- Historic Sites
The Great White Father’s Little Red Indian School
Supporters of the Carlisle Indian Industrial School believed that complete absorption of the Indian into American society was best for everyone
December 1970 | Volume 22, Issue 1
The autobiography of the old Apache warrior Jason Betzinez, on the other hand, recalled with nostalgia his life on a Pennsylvania farm in the iSgo’s. This reluctant pupil was later to remember his days at Carlisle as the happiest ones in a long life. He wrote years later: During the First World War our old Carlisle superintendent made his last visit to Fort Sill. Several of his former students went to Anadarko to meet him at the train. The train arrived very late but we waited there patiently for it because we were as anxious to see General Pratt as if he were our own father. When the cars rolled in and the General stepped on the platform the Indians stood there with the tears rolling down their cheeks, overcome with happiness to see their old friend.
The poor health of some Indian pupils caused disheartening problems. Medical examinations of prospective students, when given at all, were sketchy, and a high incidence of disease occurred after arrival at the school. Adding to the difficulty was the susceptibility of the Plains-reared Indians to the common diseases of civilization. Young Indians not previously exposed to the childhood diseases endemic among the whites, such as measles, chicken pox, and mumps, were unlikely to avoid them in the East.
The startling excellence of the Indians in athletics provided the Carlisle school with more publicity than the more important but less dramatic aspects of the educational program. The Indians learned the white man’s sports in a well-organized intramural program.
Although the Carlisle school was on an almost primary level and was concerned mainly with vocational training, the Carlisle teams played such teams as Harvard, Princeton, Pennsylvania, West Point, and the United States Naval Academy. Pratt was determined that the Carlisle football teams would play with the best on equal terms. He wrote to the famous football coach Walter Camp and asked him to recommend the best coach in the United States. Camp named Glenn “Pop” Warner, then coach at Cornell. Warner was promptly hired for Carlisle at what seemed to Pratt to be “an almost impossible figure.”
By the early 1900’s the Indian football teams had become the darlings of the sportswriters. Jim Thorpe, the almost legendary star athlete of Carlisle, was responsible for reams of publicity. The entire nation sympathized when he was forced to return the gold medals he won at the Olympic Games at Stockholm in 1912. Thorpe, a Sauk and Fox, was disqualified when it was discovered that he had once played professional baseball.
Pratt was never happier than when showing off either his school or its student body. In order to get his boys and girls to a parade or exposition he would haggle without shame over railroad fares, room charges, and meal costs. In 1893 he took over five hundred students to the Columbian Exposition in Chicago. He bartered for free admissions by promising to show off the whole group in a series of military parades, complete with band. He found a restaurant that let the young Indians provide their own table service at reduced prices. His economies saved enough money to hire a steamboat for a nighttime excursion to view the fireworks. The trip was a huge success for the young Indians, other fairgoers, and officials of the fair.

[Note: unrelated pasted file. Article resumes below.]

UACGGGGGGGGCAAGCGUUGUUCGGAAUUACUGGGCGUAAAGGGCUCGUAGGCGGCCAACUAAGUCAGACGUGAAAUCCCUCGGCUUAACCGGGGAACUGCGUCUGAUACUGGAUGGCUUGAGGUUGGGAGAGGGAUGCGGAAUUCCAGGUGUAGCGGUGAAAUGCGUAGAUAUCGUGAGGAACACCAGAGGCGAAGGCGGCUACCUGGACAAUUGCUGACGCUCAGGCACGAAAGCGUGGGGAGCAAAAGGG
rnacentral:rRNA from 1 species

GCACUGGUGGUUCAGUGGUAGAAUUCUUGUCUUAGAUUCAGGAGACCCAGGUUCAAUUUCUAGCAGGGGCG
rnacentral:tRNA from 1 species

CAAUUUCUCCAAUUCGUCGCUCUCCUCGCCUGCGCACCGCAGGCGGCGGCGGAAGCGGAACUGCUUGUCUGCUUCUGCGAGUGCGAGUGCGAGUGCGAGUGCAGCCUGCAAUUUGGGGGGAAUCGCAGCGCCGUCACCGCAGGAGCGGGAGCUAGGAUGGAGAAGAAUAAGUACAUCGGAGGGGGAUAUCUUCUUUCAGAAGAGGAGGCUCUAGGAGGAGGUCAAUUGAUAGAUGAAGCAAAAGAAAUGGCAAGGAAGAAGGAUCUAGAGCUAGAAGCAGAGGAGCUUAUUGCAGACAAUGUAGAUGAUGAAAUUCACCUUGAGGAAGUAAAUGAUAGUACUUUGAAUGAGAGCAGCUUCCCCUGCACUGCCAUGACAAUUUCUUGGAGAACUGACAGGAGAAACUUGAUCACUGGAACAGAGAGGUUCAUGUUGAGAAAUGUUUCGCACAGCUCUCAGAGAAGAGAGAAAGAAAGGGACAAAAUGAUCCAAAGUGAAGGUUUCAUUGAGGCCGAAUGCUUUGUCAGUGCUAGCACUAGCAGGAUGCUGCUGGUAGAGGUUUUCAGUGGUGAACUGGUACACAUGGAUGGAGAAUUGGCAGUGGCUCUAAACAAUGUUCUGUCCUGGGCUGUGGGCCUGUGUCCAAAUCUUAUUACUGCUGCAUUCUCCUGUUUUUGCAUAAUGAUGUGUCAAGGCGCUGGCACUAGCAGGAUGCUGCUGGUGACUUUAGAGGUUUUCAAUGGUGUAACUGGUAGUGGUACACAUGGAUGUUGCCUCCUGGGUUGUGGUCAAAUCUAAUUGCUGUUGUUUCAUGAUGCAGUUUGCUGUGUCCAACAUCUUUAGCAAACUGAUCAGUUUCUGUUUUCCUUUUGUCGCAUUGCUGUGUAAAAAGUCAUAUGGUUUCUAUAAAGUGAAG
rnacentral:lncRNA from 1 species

Alien though they were, the Indians came to be an accepted element of society in southern Pennsylvania. Old Jason Betzinez remembered lounging on Carlisle street corners on Saturday night, “just like the young white farmers.” Devil-may-care Jason even patronized the seafood stands in Carlisle and ate oysters in flagrant violation of the Apache taboo against eating food originating under the water.
The townspeople of Carlisle remember the Indians even today with affection. Almost half a century after their departure the town still considers itself “the home of the Indian School.”
By 1910, although over four thousand Indians had attended Carlisle for varying periods, there were less than six hundred recognized as graduates. At that time, a survey showed that over half of the living graduates were employed away from their reservation. Of the nongraduates, or “returned students,” a high percentage were found to be successfully earning a living.
Still, it is not possible to claim complete success for the Carlisle experiment. Many of the students returned to their reservations alienated from their tribal society but still unfitted to lead an independent life among the whites. Some of these reacted with an angry renunciation of everything they had been taught. Others maintained a livable equilibrium between the two societies.
The Carlisle Indian Industrial School operated for thirty-nine years. Pratt was superintendent for twentyfive of these years. He never deviated from his original idea that the country and the Indians could best be served by the complete absorption of the Indian into American society. He fought the reservation concept, and more dangerously, he fought the Indian Bureau. As his work at the school progressed, he became increasingly outspoken, and in 1904, after his retirement from the active list of the Army, he collided head-on with the bureaucracy.